In professional services today, the bar for client and target interaction is so incredibly low it’s hard not to trip over it. On the bright side, this provides huge opportunity for those who get it right.
As a business person, strategist, marketer, coach and consultant, I am shocked at how low the client service bar is within professional services industry. When I’m considering working with a firm, I’ll often do some preliminary research by approaching them as if I were a potential client. I start by viewing the firm’s website through a general search. You’d be surprised by how many firms have what I call a first generation website – uninformative, hard to navigate. I can usually find biographies, but they don’t always contain the professional’s contact information. Then I try to personally connect. When I call a professional’s number, I am usually met by a series of gatekeepers. The chance of actually speaking with the professional I was calling is 10 to 1 against. If by chance my call is put through, in most instances I end up in a voice mail system. Yet when I leave a voice mail or email message for a professional or a supplier, I find that over 50% of the time, I’m going to have to contact them again before I get a response, if ever.
As a client of professional services, I’ve had situations where it was almost impossible to speak with a live person; where my messages were taken poorly; or where I was passed from one person to the next without my information being transferred so that I had to repeat my story two or three times on the same call attempt. I’m chagrined, after such an instance, when the last person I speak with asks me “is there anything else I can do for you today?” I resist the urge to ask them what they think they could possibly do for me given how badly their company has handled our interaction up to that point. ..but that’s certainly what I’m thinking.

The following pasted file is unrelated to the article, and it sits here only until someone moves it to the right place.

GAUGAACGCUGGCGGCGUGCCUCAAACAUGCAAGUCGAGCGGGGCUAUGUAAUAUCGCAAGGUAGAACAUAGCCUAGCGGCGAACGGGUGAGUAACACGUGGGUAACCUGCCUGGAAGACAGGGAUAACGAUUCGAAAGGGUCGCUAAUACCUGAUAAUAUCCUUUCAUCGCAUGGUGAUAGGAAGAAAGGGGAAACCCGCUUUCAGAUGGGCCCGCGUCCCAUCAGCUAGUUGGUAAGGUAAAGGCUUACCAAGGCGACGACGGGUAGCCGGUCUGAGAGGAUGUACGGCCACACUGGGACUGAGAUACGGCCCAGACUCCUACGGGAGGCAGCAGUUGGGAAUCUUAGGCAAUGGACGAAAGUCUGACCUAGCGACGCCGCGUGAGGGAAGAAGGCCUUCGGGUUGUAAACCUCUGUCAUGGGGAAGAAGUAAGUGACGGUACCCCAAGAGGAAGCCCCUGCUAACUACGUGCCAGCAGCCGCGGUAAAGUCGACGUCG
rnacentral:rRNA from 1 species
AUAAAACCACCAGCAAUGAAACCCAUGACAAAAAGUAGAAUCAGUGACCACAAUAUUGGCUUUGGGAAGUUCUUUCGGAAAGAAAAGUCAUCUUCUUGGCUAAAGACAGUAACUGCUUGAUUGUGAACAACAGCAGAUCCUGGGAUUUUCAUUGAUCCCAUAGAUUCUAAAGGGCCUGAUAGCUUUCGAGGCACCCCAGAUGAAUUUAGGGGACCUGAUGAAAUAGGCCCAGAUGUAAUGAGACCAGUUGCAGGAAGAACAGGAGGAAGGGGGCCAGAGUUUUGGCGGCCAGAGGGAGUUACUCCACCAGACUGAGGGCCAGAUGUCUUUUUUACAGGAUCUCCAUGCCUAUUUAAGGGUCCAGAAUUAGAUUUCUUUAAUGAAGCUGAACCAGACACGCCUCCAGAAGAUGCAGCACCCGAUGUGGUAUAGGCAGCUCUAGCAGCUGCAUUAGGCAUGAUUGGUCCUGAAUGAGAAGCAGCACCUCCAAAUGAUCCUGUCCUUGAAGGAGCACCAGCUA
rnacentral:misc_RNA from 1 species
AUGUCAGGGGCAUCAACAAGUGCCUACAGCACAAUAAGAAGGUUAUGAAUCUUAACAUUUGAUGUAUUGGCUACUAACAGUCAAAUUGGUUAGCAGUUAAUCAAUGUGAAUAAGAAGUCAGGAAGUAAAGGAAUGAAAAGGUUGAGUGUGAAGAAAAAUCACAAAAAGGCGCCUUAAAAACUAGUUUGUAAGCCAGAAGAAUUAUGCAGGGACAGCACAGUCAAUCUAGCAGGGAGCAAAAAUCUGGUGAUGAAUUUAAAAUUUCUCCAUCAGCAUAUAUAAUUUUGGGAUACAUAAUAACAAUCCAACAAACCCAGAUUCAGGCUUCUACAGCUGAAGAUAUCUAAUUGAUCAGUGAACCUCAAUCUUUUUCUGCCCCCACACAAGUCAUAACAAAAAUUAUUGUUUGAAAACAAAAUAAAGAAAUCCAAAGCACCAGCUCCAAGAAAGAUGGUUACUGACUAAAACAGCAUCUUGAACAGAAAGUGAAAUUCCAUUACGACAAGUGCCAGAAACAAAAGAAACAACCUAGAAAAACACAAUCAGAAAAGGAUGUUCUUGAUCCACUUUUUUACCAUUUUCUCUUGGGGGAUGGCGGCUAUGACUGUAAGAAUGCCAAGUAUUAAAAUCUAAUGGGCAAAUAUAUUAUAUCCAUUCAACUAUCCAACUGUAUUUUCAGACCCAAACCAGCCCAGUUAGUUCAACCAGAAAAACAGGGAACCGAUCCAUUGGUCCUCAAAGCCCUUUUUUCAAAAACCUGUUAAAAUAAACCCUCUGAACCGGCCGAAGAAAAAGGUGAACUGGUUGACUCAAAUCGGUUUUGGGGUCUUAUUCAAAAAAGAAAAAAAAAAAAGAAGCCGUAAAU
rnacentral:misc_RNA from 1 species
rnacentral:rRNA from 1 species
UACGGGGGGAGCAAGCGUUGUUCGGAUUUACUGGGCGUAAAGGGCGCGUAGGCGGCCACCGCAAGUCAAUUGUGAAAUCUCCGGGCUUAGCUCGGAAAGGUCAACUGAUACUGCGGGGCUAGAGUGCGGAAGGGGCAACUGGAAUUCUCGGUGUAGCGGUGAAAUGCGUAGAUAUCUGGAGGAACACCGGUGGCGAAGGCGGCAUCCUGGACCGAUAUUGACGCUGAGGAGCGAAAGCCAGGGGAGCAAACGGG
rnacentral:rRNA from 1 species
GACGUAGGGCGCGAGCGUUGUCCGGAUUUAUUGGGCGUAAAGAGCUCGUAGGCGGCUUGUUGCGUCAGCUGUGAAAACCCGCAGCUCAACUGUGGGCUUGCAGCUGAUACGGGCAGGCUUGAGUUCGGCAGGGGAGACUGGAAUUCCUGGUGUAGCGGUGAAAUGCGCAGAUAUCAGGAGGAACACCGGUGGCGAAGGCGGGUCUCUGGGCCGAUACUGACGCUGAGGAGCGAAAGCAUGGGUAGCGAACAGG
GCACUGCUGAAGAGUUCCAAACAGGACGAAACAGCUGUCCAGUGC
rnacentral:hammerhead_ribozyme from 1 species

You’ve experienced these things, too. And your clients might have, on occasion, experienced these things from you. I get it: life is busy. But in an age when everyone is talking about the importance of client service, where did lack of responsiveness become acceptable?
The flip side is that it has never been easier to boldly differentiate yourself by being even adequately responsive. Here’s how:
- Be easy to find: Most people will look for you on the internet. Do an internet search: type in your name, your firm name, your practice area and ensure you end up on the first page of search results. If not, time to contact your web company and ask for some basic initial and then perhaps monthly search engine optimization;
- Be easy to contact: Ensure your email and phone numbers are close to your photo, on your bio page. Don’t make people go on a treasure hunt to figure out how to connect with you;
- Be more accessible: stop hiding behind your receptionist, assistant and voice mail system. Actually answer the phone when someone calls you. It won’t make you look like your waiting by the phone – it will make it look like you care enough to be personable within your practice. The alternative is that you look like you run a factory and can only spend 5.6 minutes with every client after a thorough triage process, which is probably not the image you want to project;